He's below you! Stunning image of crocodile on the prowl inches underneath the water's surface

Stunning: The rare morelet's crocodile makes an open-mouthed threat near Tulum in Mexico showing a different world can be lurking just inches below the waterline

This stunning image gives the rarest glimpse of one of the world's most endangered crocodiles as it silently swims through the deserted waterways of southern Mexico.

Acclaimed Hawaiian photographer Doug Perrine, 58, risked his life to get these amazing shots of extraordinary creatures, including this dangerous animal near Tulum, on the Yucatan Peninsula in Mexico.

The beautiful Morelet's breed was hunted to the brink of extinction in the 1940's because of its valuable skin but is again starting to flourish thanks to conservation laws.

Snap: Doug Perrine captures the terrifying bared teeth of the Alligator mississippiensis as it swims through the Big Cypress National Preserve, in Florida

The crocodile was captured using sophisticated underwater technology and shows its predatory instincts as it bares the 68 razor-sharp teeth it uses to feed on domestic animals such as dogs, as well as birds, fish, lizards, and turtles.

The beautiful beast, which grows to up to 14ft when an adult, has also been known to attack children, particularly if they get too close to their nests or them in mating season - but generally they will shy away from humans.

Morelet's crocodiles are spread over a small number of freshwater streams, marshes, rivers and ponds in Central American countries like Belize and Guatamala as well as in southern Mexico.

The rest of Mr Perrine's work showcases the stunning and often dangerous marine life he has seen while travelling across the United States, Canada, Micronesia, and Australia.

Dangerous: Through the crystal clear waters grey reef sharks swarm around the camera at Bikini Atoll, in Micronesia with an island paradise in the background

Some of the animals are so dangerous that he uses a remote triggering system allowing him to snap marine life a safe distance away from their jaws.

'Working with wild animals is always difficult, especially if they are large, timid, and potentially dangerous,' he said.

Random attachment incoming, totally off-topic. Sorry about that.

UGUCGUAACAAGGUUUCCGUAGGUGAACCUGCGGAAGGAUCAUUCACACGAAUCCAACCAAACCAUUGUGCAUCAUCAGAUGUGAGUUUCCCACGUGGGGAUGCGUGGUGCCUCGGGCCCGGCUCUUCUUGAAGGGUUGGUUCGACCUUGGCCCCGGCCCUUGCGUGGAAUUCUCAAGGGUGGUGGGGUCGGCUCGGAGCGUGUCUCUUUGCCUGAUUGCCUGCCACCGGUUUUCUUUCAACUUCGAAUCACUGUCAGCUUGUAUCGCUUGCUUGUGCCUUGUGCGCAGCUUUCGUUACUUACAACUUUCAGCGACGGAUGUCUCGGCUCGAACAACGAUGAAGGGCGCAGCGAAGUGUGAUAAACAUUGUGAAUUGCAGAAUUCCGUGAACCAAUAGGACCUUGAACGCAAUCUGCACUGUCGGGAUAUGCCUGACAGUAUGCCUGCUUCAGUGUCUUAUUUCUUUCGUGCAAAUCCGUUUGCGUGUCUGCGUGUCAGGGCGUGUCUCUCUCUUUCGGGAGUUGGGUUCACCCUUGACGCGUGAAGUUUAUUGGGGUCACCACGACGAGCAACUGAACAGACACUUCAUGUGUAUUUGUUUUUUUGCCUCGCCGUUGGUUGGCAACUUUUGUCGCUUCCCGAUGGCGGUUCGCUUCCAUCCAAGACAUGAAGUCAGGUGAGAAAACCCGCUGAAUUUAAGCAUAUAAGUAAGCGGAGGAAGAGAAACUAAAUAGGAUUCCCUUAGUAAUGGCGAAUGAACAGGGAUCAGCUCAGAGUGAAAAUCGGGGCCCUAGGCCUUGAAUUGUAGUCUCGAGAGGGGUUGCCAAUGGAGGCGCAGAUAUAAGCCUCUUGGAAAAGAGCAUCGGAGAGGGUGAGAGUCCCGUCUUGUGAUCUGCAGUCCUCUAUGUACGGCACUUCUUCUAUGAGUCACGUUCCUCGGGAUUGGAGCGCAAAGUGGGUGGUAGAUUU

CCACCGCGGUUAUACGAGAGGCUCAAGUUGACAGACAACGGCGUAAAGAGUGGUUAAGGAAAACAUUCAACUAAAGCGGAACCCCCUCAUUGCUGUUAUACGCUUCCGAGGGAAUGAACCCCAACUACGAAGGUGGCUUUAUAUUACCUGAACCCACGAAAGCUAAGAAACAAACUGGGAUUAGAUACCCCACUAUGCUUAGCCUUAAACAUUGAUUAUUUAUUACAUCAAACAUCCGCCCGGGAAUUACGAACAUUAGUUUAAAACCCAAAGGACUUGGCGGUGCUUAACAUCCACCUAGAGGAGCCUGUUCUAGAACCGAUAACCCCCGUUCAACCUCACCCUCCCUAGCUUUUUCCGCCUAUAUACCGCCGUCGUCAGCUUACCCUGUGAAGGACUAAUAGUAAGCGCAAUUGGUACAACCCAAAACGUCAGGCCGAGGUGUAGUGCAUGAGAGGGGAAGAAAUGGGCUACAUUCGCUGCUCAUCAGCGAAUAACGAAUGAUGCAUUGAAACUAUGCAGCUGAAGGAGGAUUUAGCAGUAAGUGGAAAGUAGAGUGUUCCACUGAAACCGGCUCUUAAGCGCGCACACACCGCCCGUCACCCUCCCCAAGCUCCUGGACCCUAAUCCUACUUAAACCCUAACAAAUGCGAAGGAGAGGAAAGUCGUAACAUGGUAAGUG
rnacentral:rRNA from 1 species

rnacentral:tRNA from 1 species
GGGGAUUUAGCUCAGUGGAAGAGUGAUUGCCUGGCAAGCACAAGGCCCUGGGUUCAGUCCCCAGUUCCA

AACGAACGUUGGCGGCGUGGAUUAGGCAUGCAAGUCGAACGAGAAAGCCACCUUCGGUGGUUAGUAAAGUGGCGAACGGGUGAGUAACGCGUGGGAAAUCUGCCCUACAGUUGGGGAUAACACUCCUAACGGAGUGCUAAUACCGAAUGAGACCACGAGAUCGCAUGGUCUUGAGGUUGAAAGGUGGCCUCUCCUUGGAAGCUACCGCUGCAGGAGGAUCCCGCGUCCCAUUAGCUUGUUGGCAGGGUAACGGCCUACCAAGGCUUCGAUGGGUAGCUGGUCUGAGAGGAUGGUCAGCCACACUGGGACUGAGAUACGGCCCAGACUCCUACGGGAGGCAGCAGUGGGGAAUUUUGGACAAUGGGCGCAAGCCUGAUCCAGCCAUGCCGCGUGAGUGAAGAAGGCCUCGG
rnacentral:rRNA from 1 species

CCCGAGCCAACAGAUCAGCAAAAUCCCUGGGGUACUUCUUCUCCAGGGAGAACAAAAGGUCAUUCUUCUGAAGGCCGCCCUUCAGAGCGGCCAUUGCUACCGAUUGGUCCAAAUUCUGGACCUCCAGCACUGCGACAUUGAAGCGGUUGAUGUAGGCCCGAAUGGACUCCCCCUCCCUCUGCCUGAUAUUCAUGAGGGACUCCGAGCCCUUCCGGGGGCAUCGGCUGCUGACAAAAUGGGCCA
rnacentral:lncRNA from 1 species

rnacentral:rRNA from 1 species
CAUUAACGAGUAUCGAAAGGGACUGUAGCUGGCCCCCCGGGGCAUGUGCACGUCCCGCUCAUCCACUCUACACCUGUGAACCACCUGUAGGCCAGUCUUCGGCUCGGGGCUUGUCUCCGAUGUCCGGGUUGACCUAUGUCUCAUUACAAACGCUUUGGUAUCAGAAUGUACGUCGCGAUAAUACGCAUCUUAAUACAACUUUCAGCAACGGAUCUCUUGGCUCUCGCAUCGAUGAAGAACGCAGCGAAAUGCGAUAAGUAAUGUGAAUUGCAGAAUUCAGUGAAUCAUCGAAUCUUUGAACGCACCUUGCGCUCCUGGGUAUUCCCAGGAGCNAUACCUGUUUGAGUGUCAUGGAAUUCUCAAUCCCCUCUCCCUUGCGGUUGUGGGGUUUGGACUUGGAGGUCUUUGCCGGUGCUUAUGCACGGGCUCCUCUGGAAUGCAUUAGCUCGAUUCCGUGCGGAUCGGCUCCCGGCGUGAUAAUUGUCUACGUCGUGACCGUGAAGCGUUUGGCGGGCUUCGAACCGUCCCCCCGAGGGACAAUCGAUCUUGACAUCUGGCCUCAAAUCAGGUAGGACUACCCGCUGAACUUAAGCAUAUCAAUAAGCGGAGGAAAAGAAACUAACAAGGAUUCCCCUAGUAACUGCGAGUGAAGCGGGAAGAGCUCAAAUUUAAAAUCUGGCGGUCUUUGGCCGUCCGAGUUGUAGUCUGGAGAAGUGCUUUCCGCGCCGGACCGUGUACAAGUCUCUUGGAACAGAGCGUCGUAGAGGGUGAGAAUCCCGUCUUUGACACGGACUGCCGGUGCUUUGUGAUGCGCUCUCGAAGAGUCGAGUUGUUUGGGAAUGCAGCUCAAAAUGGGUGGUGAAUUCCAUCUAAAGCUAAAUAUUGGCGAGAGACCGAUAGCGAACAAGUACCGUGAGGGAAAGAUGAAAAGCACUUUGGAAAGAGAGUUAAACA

'This type of picture is particularly difficult, since so many disparate elements must be dealt with all at the same time.

'For the alligator picture, I had to use a remote triggering system with the camera on an extendible pole, since it would have been much too dangerous to get down in the water with the alligator.

'In winter, With very slow metabolism, their energy needs are small, and they feed only rarely. As the water warms in spring, they become more active and aggressive.

Solemn: This salmon shark snapped in Prince William Sound, Alaska was later tragically caught and killed by hunters

'They not only are more hungry, but with mating season approaching, hormones begin to flood their bodies, and the males become especially aggressive.'

To capture the beasts at their best and clearest he has to wait until the water is completely still.

But while many of Doug's subjects are considered dangerous creatures, he believes man poses the greatest threat to the future of the planet's sea life.

He said: 'Although large and potentially dangerous, the salmon sharks in these pictures have not been known to attack people. Humans, on the other hand, pose a significant threat to salmon sharks.

Silent: A manatee is shown paddling along the the Crystal River in Florida without noticing the camera in front of him

'In fact the shark in this image was caught and killed by recreational fishermen the day after the photo was taken.'

Doug hopes his photos will highlight the plight of endangered species and serve as a reminder that we share the earth's oceans, seas and rivers with a large number of other animals.

He said: 'I love how these photos really take me back to the feeling of being there. When I look at that image of the salmon shark, for example, I feel the cold breeze coming off of that snow-dappled mountain in the background, and the chill of that green glacier-melt water just under the surface.

'Looking at the image of the Florida alligator, I feel the sticky humidity of a warm spring afternoon in South Florida, and the nervousness of looking into the dark eye of that gator and wondering if it had been fed too much by humans and might charge up the bank after me.

'I can only hope that viewers of the pictures experience some semblance of that ecstatic feeling of being in a remote and lovely area in the presence of majestic wild animals.'

source: dailymail